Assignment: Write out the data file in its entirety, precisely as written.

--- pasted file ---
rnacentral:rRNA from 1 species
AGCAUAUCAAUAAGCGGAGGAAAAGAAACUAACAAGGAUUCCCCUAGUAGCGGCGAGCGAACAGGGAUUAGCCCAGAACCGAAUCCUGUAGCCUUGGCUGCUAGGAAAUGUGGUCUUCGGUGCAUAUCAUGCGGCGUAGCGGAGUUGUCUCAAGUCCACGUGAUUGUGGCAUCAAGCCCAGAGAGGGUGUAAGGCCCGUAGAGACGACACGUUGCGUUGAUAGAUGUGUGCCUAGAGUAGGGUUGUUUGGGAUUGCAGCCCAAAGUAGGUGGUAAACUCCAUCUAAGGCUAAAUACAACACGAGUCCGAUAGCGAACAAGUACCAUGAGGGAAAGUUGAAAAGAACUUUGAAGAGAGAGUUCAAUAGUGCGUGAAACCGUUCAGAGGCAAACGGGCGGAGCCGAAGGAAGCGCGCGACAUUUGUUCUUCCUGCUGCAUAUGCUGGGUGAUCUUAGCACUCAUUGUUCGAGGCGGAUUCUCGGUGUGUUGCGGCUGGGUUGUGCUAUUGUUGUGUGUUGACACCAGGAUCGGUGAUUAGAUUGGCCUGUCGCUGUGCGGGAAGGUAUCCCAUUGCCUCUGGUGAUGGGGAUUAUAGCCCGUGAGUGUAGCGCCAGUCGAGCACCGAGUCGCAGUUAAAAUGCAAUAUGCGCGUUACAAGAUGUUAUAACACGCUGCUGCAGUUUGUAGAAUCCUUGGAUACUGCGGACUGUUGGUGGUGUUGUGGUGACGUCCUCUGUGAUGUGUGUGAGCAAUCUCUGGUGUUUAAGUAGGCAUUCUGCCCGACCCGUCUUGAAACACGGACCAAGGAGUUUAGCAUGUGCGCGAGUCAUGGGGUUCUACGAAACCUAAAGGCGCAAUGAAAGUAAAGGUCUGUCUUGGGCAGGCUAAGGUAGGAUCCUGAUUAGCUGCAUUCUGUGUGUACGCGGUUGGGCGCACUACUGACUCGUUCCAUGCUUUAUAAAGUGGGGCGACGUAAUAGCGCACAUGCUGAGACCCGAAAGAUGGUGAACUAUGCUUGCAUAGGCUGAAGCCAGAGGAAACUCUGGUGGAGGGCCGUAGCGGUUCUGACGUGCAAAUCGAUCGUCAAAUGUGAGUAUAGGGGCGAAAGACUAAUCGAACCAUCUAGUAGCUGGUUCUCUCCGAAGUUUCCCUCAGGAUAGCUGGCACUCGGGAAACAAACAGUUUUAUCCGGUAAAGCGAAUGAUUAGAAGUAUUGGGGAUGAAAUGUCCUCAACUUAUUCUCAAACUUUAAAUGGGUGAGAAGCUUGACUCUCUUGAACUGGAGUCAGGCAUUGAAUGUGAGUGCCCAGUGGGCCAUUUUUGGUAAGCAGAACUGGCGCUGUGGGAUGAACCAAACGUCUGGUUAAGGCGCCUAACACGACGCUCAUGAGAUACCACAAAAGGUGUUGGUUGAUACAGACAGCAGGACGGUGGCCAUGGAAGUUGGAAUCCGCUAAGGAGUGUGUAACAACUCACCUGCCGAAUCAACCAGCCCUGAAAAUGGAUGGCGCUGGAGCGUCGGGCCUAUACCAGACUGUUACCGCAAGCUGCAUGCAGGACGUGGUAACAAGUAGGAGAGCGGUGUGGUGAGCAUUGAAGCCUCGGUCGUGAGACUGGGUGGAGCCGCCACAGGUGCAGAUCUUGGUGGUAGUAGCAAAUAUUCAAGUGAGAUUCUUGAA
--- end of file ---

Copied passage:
rnacentral:rRNA from 1 species
AGCAUAUCAAUAAGCGGAGGAAAAGAAACUAACAAGGAUUCCCCUAGUAGCGGCGAGCGAACAGGGAUUAGCCCAGAACCGAAUCCUGUAGCCUUGGCUGCUAGGAAAUGUGGUCUUCGGUGCAUAUCAUGCGGCGUAGCGGAGUUGUCUCAAGUCCACGUGAUUGUGGCAUCAAGCCCAGAGAGGGUGUAAGGCCCGUAGAGACGACACGUUGCGUUGAUAGAUGUGUGCCUAGAGUAGGGUUGUUUGGGAUUGCAGCCCAAAGUAGGUGGUAAACUCCAUCUAAGGCUAAAUACAACACGAGUCCGAUAGCGAACAAGUACCAUGAGGGAAAGUUGAAAAGAACUUUGAAGAGAGAGUUCAAUAGUGCGUGAAACCGUUCAGAGGCAAACGGGCGGAGCCGAAGGAAGCGCGCGACAUUUGUUCUUCCUGCUGCAUAUGCUGGGUGAUCUUAGCACUCAUUGUUCGAGGCGGAUUCUCGGUGUGUUGCGGCUGGGUUGUGCUAUUGUUGUGUGUUGACACCAGGAUCGGUGAUUAGAUUGGCCUGUCGCUGUGCGGGAAGGUAUCCCAUUGCCUCUGGUGAUGGGGAUUAUAGCCCGUGAGUGUAGCGCCAGUCGAGCACCGAGUCGCAGUUAAAAUGCAAUAUGCGCGUUACAAGAUGUUAUAACACGCUGCUGCAGUUUGUAGAAUCCUUGGAUACUGCGGACUGUUGGUGGUGUUGUGGUGACGUCCUCUGUGAUGUGUGUGAGCAAUCUCUGGUGUUUAAGUAGGCAUUCUGCCCGACCCGUCUUGAAACACGGACCAAGGAGUUUAGCAUGUGCGCGAGUCAUGGGGUUCUACGAAACCUAAAGGCGCAAUGAAAGUAAAGGUCUGUCUUGGGCAGGCUAAGGUAGGAUCCUGAUUAGCUGCAUUCUGUGUGUACGCGGUUGGGCGCACUACUGACUCGUUCCAUGCUUUAUAAAGUGGGGCGACGUAAUAGCGCACAUGCUGAGACCCGAAAGAUGGUGAACUAUGCUUGCAUAGGCUGAAGCCAGAGGAAACUCUGGUGGAGGGCCGUAGCGGUUCUGACGUGCAAAUCGAUCGUCAAAUGUGAGUAUAGGGGCGAAAGACUAAUCGAACCAUCUAGUAGCUGGUUCUCUCCGAAGUUUCCCUCAGGAUAGCUGGCACUCGGGAAACAAACAGUUUUAUCCGGUAAAGCGAAUGAUUAGAAGUAUUGGGGAUGAAAUGUCCUCAACUUAUUCUCAAACUUUAAAUGGGUGAGAAGCUUGACUCUCUUGAACUGGAGUCAGGCAUUGAAUGUGAGUGCCCAGUGGGCCAUUUUUGGUAAGCAGAACUGGCGCUGUGGGAUGAACCAAACGUCUGGUUAAGGCGCCUAACACGACGCUCAUGAGAUACCACAAAAGGUGUUGGUUGAUACAGACAGCAGGACGGUGGCCAUGGAAGUUGGAAUCCGCUAAGGAGUGUGUAACAACUCACCUGCCGAAUCAACCAGCCCUGAAAAUGGAUGGCGCUGGAGCGUCGGGCCUAUACCAGACUGUUACCGCAAGCUGCAUGCAGGACGUGGUAACAAGUAGGAGAGCGGUGUGGUGAGCAUUGAAGCCUCGGUCGUGAGACUGGGUGGAGCCGCCACAGGUGCAGAUCUUGGUGGUAGUAGCAAAUAUUCAAGUGAGAUUCUUGAA